Anthony Bollino writes: Mr. Barnwell’s use of digital storytelling tools does many things to help his students. It creates authentic tasks for students to create using digital technology. It addresses the need for students to plan and collaborate a project using online and F2F methods. They produce a multimedia project that requires desirable skills in many areas of the work force. All of these are addressing the speaking and writing components of the Common Core.  It’s the speaking and traditionally communication skills that I’m worried are being swept aside if we embrace too much technology.  If you teach high schoolers, you’ll understand how difficult is it for them to engage in meaningful, real-time conversation and debate.  Much of this is due to constantly communicating through a screen.  I wrote about this is a previous blog post.

aradeba writes: Distractions from technology is a very big problem–most of my kids can’t even sit and read a comic book much less a short story or a book. They just need constant stimulous–I don’t really know what the answer is–especially when our district and our administrators are all on the “technology express” and despair when they don’t see it being used even if it’s not appropriate.  I don’t know the answer, either.  But I do suspect that if we enthusiastically embrace the bells and whistles and constant stimulus that social media and new technology can provide, each year, student attention spans will continue to decrease.  I try to create space in my classroom–even the digital storytelling course–where there is plenty of time for mindfulness and “slower” thinking.

Braddo writes: So does the old adage, it’s a poor workman who blames the tool. It makes no more sense to say Twitter is not a good tool than it does to say a hammer is not a good tool. Goodness or badness do not inhere in the thing but in the way it’s used. Indeed, I ‘ve seen many more examples of poor teaching with pencil and paper, textbooks and chalkboards than I have with any bit of modern technology. Like EPlybon, I’ve seen exemplary teaching with social media. As for the value of 140-characters: ask Marcus Aurelius about the epithet.  I’d argue that the inherent distraction and fragmentation of thinking in Twitter and Facebook may make them inappropriate tools to rely on in an educational setting, so I disagree with the hammer analogy.  Hammers can be used for many things, but they are great for building.  Twitter and Facebook can be used for many things, but they are not great for education.  With so many students choosing to write in fragments and struggling mightily to write purposeful, longer pieces, we need to find ways, both old-school and new school with technology, for students to sustain thought and compose longer arguments and presentations.  Twitter and Facebook are not good vehicles for this type of thinking.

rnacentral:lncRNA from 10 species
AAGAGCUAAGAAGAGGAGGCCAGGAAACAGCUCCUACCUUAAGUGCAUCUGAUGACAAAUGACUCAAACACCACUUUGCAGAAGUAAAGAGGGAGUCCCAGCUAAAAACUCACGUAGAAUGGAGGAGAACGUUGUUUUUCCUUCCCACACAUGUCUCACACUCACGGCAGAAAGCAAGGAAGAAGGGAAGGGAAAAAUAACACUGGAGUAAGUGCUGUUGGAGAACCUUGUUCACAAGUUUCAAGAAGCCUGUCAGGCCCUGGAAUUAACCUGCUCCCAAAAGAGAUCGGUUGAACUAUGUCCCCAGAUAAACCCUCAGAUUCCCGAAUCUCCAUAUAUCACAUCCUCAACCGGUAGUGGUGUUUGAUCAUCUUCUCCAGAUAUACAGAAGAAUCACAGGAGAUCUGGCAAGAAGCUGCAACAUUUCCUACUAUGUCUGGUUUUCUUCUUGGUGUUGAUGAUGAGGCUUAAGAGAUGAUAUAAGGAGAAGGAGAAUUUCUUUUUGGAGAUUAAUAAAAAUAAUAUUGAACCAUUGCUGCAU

Markbarnes19 writes: My students use smartphones daily in one way or another. We also use message boards, blogs, wikis and social bookmarking sites. Some kids access from their phones, others from iPods and some from our desktop computers. The interactivity compels students to complete projects and in-class activities and communicate in ways they typically aren’t allowed to.  Mr. Barnes sounds like a master-integrated of new technology in the classroom, and I’d like to see the class at work.  I wonder what types of students he teaches.  Most of the demonstrations I’ve read about, with this type of seamless internet and social media usage, have been in upper-level AP courses, charter schools, and other places with more motivated/supported (at home) student populations.

Thanks for all for engaging in this debate.   What are your thoughts? 

2 thoughts on “Author’s Response–Why Twitter and Facebook Are Not Good Instructional Tools

  1. Pingback: My EdTech Choices: More ‘why’, less ‘wow’ (now) « i-Biology | Reflections

  2. Pingback: Reckless Technology Adoption? « Mindful Stew